MR-Sentence-Correction-Guide

Manhattan review sentence correction guide grammar

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Unformatted text preview: egree distinguished by their being directed at a person, rather than at a state of affairs. 1.7.5 Participle There are several parts of the verb system which function as if they were different parts of speech (in the case of a participle, an adjective). In grammar, the PARTICIPLE is the term for two verb forms, the PRESENT PARTICIPLE (the “-ing” participle) and the PAST PARTICIPLE (the “-ed” participle, also ending in “-d’ and “-t”). Both participles may be used like adjectives, but only if the participle indicates some sort of permanent characteristic: “running water”, “the missing link”, “lost property”. The PRESENT PARTICIPLE ends in “-ing” and is used in combination with the auxiliary “be” for the progressive continuous, as in: “am driving”, “has been talking”, etc. The PAST PARTICIPLE ends in “-ed”, “-d” or “-t” for all regular verbs and many irregular verbs, but many irregular verbs end in “-en” and “-n” (as in, “stolen” and “known”) or with a change in the middle vowel (as in, “sung”). 1.7.5.1 Present Participle The present participle ends in -ing. Like an adjective, it may be used to form a predicate with the verb to be: Her feelings for Bob were burgeoning quickly. She is stunning in that dress. Used as an adjective, it holds the normal adjectival position: www.manhattanreview.com c 1999 - 2008 Manhattan Review Sentence Correction Guide – Grammar Review 21 Her burgeoning feelings for Bob surprised her. The stunning woman looked straight at me. Participles are commonly found in phrases alongside the main part of the sentence: Burgeoning rapidly, her feelings for Bob rose to an untenable level. If there is no appropriate noun, the sentence becomes nonsensical. The falsely assigned participle is known as ‘dangling’ or ‘misrelated’: Wrong: Burgeoning rapidly, she was soon unable to control her feelings for Bob. As we will discuss in the Sentence Correction section, this is one of the most common errors on the GMAT, so learn to recognize a misplaced modifier (dangling participle), and you will have great success with these questions. 1.7.5.2 Past Participle The past participle ends in -(e)d or -t in most verbs. A few archaic strong forms remain; these are verbs which make the past tense by changing the internal vowel, e.g., write, wrote; see, saw. These have participles that end in -(e)n, e.g. written, seen. The past participle forms a compound tense (perfect) with the addition of the verb to have. This denotes the perfected or completed action: I have decided to leave you. It is useful to be able to recognize tenses in the Sentence Correction section, because another of the most common errors on the GMAT is changing tenses needlessly in the middle of a sentence. Make sure that the answer you select does not have a change of tense which is not justified by the meaning of the sentence. Used adjectivally, however, the past participle may also form a predicate w...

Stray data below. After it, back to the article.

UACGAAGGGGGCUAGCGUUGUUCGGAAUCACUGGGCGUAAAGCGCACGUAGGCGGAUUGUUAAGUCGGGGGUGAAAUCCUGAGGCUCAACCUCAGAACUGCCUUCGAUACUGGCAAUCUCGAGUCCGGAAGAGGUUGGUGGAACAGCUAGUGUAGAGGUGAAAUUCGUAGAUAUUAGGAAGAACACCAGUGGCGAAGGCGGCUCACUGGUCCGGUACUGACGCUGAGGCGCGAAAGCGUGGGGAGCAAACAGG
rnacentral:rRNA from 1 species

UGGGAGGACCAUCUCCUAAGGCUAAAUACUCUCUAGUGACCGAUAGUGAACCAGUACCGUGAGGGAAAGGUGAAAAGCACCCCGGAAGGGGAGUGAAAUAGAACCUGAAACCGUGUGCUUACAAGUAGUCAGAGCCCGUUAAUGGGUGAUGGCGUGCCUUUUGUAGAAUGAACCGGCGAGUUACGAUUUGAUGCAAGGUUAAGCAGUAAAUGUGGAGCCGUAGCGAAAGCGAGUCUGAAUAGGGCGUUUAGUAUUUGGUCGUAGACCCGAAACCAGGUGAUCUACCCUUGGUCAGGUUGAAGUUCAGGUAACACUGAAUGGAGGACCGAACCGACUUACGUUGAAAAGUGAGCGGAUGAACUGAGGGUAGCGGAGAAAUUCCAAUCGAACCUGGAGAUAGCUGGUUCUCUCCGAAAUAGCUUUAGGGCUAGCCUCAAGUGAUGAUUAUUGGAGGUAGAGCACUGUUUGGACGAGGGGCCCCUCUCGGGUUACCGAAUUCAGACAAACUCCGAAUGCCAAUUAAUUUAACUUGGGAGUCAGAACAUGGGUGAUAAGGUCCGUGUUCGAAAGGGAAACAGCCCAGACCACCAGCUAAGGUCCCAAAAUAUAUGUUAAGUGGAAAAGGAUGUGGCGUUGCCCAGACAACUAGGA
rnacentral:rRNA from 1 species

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This document was uploaded on 09/26/2013.

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